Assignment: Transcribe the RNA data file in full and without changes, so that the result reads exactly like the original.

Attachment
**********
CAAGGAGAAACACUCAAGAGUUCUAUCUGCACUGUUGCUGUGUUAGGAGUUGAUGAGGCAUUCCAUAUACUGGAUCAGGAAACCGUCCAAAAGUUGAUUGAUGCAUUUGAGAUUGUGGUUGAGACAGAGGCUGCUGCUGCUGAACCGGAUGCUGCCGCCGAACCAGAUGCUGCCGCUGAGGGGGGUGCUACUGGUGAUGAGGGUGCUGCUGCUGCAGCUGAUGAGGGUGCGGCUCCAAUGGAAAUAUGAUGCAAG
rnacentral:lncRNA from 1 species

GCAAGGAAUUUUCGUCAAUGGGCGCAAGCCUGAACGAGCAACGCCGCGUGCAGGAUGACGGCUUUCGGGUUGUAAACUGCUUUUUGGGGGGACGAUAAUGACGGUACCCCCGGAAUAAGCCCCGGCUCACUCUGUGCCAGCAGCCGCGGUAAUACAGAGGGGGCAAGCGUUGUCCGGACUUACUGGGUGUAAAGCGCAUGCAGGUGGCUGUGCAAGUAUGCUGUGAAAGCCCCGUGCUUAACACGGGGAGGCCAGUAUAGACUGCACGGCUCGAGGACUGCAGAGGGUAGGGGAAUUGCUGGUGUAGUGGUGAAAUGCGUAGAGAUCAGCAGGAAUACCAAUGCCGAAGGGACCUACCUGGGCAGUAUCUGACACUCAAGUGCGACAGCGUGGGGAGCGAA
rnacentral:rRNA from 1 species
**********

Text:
CAAGGAGAAACACUCAAGAGUUCUAUCUGCACUGUUGCUGUGUUAGGAGUUGAUGAGGCAUUCCAUAUACUGGAUCAGGAAACCGUCCAAAAGUUGAUUGAUGCAUUUGAGAUUGUGGUUGAGACAGAGGCUGCUGCUGCUGAACCGGAUGCUGCCGCCGAACCAGAUGCUGCCGCUGAGGGGGGUGCUACUGGUGAUGAGGGUGCUGCUGCUGCAGCUGAUGAGGGUGCGGCUCCAAUGGAAAUAUGAUGCAAG
rnacentral:lncRNA from 1 species

GCAAGGAAUUUUCGUCAAUGGGCGCAAGCCUGAACGAGCAACGCCGCGUGCAGGAUGACGGCUUUCGGGUUGUAAACUGCUUUUUGGGGGGACGAUAAUGACGGUACCCCCGGAAUAAGCCCCGGCUCACUCUGUGCCAGCAGCCGCGGUAAUACAGAGGGGGCAAGCGUUGUCCGGACUUACUGGGUGUAAAGCGCAUGCAGGUGGCUGUGCAAGUAUGCUGUGAAAGCCCCGUGCUUAACACGGGGAGGCCAGUAUAGACUGCACGGCUCGAGGACUGCAGAGGGUAGGGGAAUUGCUGGUGUAGUGGUGAAAUGCGUAGAGAUCAGCAGGAAUACCAAUGCCGAAGGGACCUACCUGGGCAGUAUCUGACACUCAAGUGCGACAGCGUGGGGAGCGAA
rnacentral:rRNA from 1 species